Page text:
nth character to the right of the pointer. Note that "0A" will
return the value of the character to the left of the pointer,
while "-nA" will return the character n+1 positions to the
left of the pointer.  If the position is outside the 
boundaries of the buffer, a 0 is returned.  "m,nA" is like 
"nA" except that if the position is outside the buffer boundaries,
the value of m is returned instead of a 0.
It is now possible to obtain image typeout by giving the ET flag
a value of 2 using the "2ET" command.  This mode differes from 
normal literal typeout (1ET) by the fact that tabs, vertical tabs, form
feeds, etc., are sent directly to the terminal rather than
simulated with spaces and line feeds.
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Improvements to existing features
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Searching speed has been increased at least an order of magnitude
by use of the Boyer-Moore fast string search algorithm (See Oct. 77
issue of Communications of the ACM).  One interesting feature of
this new algorithm is that the longer the search string, the faster
the search proceeds.  Backward searching is still done using the
old algorithm, as is any search for a string less than 3 characters
long or which contains a _^ES.
Due to overwhelming popular demand, DEC's long-standing "feature"
which causes searches inside of iteration brackets <...> to 
be treated as colon searches has been removed.  Searches within
iterations no longer return a numeric value denoting success or
failure.  The only difference is that if such a search fails, 
it will never cause an error message to be issued.  Semi-colons
can still be used to leave the iteration when a search fails.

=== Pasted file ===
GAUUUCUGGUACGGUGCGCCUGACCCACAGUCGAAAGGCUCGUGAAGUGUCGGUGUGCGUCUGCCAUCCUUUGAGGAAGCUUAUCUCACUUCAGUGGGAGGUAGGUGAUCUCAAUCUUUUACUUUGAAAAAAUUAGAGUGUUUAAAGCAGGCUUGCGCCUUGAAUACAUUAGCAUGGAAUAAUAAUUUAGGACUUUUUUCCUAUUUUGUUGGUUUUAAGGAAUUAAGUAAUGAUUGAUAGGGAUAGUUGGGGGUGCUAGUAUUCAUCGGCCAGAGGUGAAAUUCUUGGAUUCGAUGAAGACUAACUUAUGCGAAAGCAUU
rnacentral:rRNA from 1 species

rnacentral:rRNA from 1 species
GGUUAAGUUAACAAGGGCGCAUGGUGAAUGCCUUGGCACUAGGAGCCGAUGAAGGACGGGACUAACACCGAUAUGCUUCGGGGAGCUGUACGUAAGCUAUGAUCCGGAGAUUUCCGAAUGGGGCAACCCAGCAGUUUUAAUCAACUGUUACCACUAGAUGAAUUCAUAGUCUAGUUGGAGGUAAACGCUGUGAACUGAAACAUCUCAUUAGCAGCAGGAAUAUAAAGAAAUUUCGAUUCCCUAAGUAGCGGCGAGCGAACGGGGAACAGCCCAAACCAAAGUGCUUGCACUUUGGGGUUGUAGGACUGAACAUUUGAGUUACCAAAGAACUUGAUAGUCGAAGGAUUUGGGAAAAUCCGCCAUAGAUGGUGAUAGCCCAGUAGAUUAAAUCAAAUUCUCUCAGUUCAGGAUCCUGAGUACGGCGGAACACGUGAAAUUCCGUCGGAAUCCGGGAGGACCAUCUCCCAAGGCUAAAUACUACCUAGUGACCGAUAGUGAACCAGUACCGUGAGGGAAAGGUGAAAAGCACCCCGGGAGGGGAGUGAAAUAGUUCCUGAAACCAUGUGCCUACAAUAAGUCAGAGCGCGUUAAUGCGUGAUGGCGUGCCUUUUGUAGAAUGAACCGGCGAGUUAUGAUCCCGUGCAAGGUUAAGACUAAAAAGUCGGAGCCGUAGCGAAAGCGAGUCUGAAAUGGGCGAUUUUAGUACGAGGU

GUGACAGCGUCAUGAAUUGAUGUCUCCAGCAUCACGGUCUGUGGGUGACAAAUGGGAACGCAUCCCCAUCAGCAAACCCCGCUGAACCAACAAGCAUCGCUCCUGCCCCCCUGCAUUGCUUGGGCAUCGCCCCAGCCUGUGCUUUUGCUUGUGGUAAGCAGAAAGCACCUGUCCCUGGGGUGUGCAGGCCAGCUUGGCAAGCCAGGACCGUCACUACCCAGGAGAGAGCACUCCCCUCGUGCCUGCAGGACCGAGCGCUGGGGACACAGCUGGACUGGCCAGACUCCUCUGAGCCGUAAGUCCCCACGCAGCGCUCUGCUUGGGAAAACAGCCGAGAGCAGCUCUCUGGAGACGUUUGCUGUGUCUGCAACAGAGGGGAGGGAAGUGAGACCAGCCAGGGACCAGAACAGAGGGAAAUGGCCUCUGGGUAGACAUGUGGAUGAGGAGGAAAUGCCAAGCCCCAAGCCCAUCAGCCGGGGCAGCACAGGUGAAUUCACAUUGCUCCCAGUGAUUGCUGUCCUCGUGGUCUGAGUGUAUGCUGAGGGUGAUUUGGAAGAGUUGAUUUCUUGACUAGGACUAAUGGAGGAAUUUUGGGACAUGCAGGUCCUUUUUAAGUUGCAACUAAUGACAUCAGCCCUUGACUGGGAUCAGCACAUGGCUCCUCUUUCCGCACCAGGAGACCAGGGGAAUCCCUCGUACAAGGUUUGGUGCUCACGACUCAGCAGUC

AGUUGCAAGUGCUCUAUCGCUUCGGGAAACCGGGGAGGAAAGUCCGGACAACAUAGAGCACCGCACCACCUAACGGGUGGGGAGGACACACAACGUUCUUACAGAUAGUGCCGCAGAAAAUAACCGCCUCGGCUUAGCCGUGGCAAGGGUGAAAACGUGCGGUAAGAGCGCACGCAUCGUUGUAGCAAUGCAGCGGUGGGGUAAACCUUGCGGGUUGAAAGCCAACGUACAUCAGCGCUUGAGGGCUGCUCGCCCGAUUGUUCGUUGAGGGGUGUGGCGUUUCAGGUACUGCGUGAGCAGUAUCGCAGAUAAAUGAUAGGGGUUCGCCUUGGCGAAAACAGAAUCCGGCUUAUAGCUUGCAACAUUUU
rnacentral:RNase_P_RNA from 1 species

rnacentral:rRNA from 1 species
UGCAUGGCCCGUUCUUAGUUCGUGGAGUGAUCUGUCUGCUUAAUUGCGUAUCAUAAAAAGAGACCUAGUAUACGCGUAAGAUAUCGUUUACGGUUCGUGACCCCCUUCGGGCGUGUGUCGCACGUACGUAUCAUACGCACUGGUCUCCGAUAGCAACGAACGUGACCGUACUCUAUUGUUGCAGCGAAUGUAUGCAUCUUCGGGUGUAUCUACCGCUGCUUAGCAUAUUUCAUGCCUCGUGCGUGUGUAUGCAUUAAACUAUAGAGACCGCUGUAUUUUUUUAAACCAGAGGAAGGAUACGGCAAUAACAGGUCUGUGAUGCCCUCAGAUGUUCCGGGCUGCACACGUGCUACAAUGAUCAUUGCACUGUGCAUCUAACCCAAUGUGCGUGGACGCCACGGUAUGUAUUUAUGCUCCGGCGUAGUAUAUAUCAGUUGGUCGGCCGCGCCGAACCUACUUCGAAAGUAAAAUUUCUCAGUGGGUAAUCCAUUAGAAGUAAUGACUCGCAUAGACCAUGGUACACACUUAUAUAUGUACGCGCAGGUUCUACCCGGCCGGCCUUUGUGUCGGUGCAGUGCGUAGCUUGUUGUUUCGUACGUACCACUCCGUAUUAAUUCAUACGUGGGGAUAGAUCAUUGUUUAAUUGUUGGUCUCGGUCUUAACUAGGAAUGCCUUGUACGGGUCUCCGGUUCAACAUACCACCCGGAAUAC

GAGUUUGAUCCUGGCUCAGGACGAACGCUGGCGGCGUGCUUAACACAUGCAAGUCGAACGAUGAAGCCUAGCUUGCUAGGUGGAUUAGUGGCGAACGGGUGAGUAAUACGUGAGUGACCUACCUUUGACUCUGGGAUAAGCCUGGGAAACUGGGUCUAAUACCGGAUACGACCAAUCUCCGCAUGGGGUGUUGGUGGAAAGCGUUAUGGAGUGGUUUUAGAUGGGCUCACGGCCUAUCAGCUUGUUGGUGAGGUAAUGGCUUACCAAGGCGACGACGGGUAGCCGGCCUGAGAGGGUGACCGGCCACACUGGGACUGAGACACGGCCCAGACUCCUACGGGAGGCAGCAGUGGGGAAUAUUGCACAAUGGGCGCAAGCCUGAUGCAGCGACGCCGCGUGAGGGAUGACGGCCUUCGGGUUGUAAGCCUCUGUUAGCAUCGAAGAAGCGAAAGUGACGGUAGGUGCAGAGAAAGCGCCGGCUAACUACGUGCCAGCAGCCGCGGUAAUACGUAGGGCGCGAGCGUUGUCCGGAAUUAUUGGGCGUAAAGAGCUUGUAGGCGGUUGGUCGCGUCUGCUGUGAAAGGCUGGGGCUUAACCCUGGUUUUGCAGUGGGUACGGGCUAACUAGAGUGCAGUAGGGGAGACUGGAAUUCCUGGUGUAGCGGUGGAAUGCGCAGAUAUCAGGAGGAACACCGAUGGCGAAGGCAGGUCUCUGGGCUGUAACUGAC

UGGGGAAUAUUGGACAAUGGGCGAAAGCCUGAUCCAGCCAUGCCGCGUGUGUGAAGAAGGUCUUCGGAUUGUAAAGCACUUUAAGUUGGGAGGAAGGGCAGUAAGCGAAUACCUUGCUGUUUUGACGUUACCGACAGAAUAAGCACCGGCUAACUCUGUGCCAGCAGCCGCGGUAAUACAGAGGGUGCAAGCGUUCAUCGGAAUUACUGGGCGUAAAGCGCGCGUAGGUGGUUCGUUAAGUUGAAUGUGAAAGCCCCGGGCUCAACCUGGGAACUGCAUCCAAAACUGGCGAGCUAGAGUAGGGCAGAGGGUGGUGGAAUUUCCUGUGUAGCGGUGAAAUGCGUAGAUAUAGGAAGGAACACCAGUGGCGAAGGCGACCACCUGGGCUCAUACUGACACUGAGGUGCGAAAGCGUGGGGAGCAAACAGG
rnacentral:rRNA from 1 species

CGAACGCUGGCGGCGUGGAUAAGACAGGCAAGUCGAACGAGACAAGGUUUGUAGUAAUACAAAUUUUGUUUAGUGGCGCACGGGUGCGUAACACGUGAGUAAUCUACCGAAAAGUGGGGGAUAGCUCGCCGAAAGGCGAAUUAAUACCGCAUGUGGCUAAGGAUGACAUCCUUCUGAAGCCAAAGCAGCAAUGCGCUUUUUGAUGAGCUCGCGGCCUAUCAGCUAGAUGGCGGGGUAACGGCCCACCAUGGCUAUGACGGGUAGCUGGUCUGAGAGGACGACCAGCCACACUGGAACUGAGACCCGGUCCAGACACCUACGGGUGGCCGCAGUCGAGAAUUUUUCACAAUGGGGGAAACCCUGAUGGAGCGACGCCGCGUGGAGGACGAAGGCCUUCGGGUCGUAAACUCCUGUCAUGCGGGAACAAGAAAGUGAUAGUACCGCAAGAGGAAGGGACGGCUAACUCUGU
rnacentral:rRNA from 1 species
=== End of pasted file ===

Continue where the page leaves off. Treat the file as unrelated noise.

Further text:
Actually, the behavior of the semi-colon has not been changed:
"n;" will exit from the iteration if n is positive or 0, and will
continue within the iteration if n is negative.  ";" with no
numeric argument will exit the iteration if the last search
failed, and will continue if the last search succeeded.  The
main advantage of this change is that searches will no longer
return undesireable values.  For example,
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	<Sabd$ R Ic$>$$
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used to fail mysteriously because the search would return a value
of -1 which would, in turn, become an argument to R, giving it
the same effect as a C command.
The following new terminal types are now supported by TECO:
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. ;	ACT4	Micro-Term ACT-IV
. ;	ACT5	Micro-Term ACT-V
. ;	ADM3A	Lear Siegler ADM-3A
. ;	H1500	Hazeltine 1500
. ;	HP2640	Hewlett Packard 2640
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The "EV<terminal type>$" command can be used to specify the
type of terminal you are using, allowing TECO to provide
customized rubout-processing and cursor control.
The defaulting scheme for the EIfile$ and EPfile$ commands has been completely
In the absence of an explicit device or directory in the filespec,
TECO will search for the file in several different directories, taken